Don’t be alarmed if you see various parks around town go up in smoke. Members of the Naperville Park District have recently been conducting controlled burns at many parks around town. They do it every spring and fall as part of their yearly burns.
“It helps wipe out the invasives so the native plants have a chance to grow,” Park Specialist Kelly O’Brien explained. “[It] wipes out any of the weeds.”
Park specialists say burning the weeds and brush helps the natural grass to grow better than simply mowing.
“The burning gets you closest to the soil. You get your nutrients back into the soil that would help those native plants grow before the invasives come in and take over,” said O’Brien.
It takes more time to prepare the site than it does to actually burn it.
“You want to check wind direction, check out if you have slope, what the fuels look like,” said Kristi Solberg, also a park specialist. “You want to check all that to make sure you can actually get a fire going.”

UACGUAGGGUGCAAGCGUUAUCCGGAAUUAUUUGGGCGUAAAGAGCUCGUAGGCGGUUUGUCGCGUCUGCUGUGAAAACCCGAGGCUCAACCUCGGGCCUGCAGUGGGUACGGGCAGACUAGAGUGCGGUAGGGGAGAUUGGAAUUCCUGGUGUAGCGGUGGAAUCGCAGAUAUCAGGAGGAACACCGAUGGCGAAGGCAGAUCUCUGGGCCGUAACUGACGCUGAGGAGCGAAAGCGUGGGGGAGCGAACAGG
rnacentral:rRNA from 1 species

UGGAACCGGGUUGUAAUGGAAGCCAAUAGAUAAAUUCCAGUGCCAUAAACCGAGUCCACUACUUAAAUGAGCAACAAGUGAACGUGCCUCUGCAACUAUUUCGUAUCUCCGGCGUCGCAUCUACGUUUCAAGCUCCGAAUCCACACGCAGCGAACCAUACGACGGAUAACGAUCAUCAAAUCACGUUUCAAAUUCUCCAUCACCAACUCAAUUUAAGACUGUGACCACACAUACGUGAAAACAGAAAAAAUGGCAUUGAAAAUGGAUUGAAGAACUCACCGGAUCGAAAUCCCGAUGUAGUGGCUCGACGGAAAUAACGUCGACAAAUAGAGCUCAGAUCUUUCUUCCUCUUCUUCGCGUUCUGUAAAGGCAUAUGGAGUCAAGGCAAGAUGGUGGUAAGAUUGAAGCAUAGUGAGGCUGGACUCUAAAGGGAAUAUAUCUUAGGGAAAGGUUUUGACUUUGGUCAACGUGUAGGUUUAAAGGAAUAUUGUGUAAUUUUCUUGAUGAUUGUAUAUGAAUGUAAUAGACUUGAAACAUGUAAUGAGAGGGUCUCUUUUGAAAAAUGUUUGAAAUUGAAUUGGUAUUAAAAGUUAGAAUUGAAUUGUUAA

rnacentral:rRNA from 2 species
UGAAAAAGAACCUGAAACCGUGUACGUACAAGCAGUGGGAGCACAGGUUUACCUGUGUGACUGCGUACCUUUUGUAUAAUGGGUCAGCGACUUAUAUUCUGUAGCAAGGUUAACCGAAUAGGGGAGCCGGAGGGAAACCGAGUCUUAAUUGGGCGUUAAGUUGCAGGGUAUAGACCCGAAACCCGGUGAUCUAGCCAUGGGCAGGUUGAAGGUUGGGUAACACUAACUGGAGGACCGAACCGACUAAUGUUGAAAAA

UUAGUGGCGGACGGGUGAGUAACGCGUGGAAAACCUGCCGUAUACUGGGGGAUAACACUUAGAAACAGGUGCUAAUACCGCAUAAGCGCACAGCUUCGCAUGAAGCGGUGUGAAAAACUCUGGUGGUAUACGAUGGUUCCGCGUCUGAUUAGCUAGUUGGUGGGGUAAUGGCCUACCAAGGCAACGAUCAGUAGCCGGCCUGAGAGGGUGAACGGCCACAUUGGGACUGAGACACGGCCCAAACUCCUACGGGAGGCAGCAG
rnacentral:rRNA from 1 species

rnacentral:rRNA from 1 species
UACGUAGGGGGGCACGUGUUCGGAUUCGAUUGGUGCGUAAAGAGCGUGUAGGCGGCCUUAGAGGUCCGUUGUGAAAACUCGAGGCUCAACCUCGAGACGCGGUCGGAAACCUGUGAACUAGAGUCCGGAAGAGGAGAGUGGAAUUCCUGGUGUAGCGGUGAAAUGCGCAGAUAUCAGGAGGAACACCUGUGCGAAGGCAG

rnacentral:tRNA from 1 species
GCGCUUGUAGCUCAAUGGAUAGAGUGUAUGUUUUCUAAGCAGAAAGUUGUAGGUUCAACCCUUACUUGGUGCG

And to get a good fire going, it takes a good wind, going away from traffic, as well as warm temperature, and low humidity. After last winter, Park District staff said the grass is in perfect condition for a controlled burn because it has been compacted by the snow.
“You get a nice back burn. It’s hotter and it’s slower so all that compacted grass can burn. If it’s up in the air, it’ll just go right passed it whereas this compacted slow fire will hopefully get all of the grass,” said Solberg.
The fire only lasts about five to ten minutes and a few weeks later, the grass will be restored to its natural look.
“What we’re doing is a good cause. We’re not just out here burning fires. It’s helping with the vegetation and the natural areas to keep Naperville beautiful,” said O’Brien.
The Park District plans on burning more than 40 of the 136 Naperville parks throughout the Spring.
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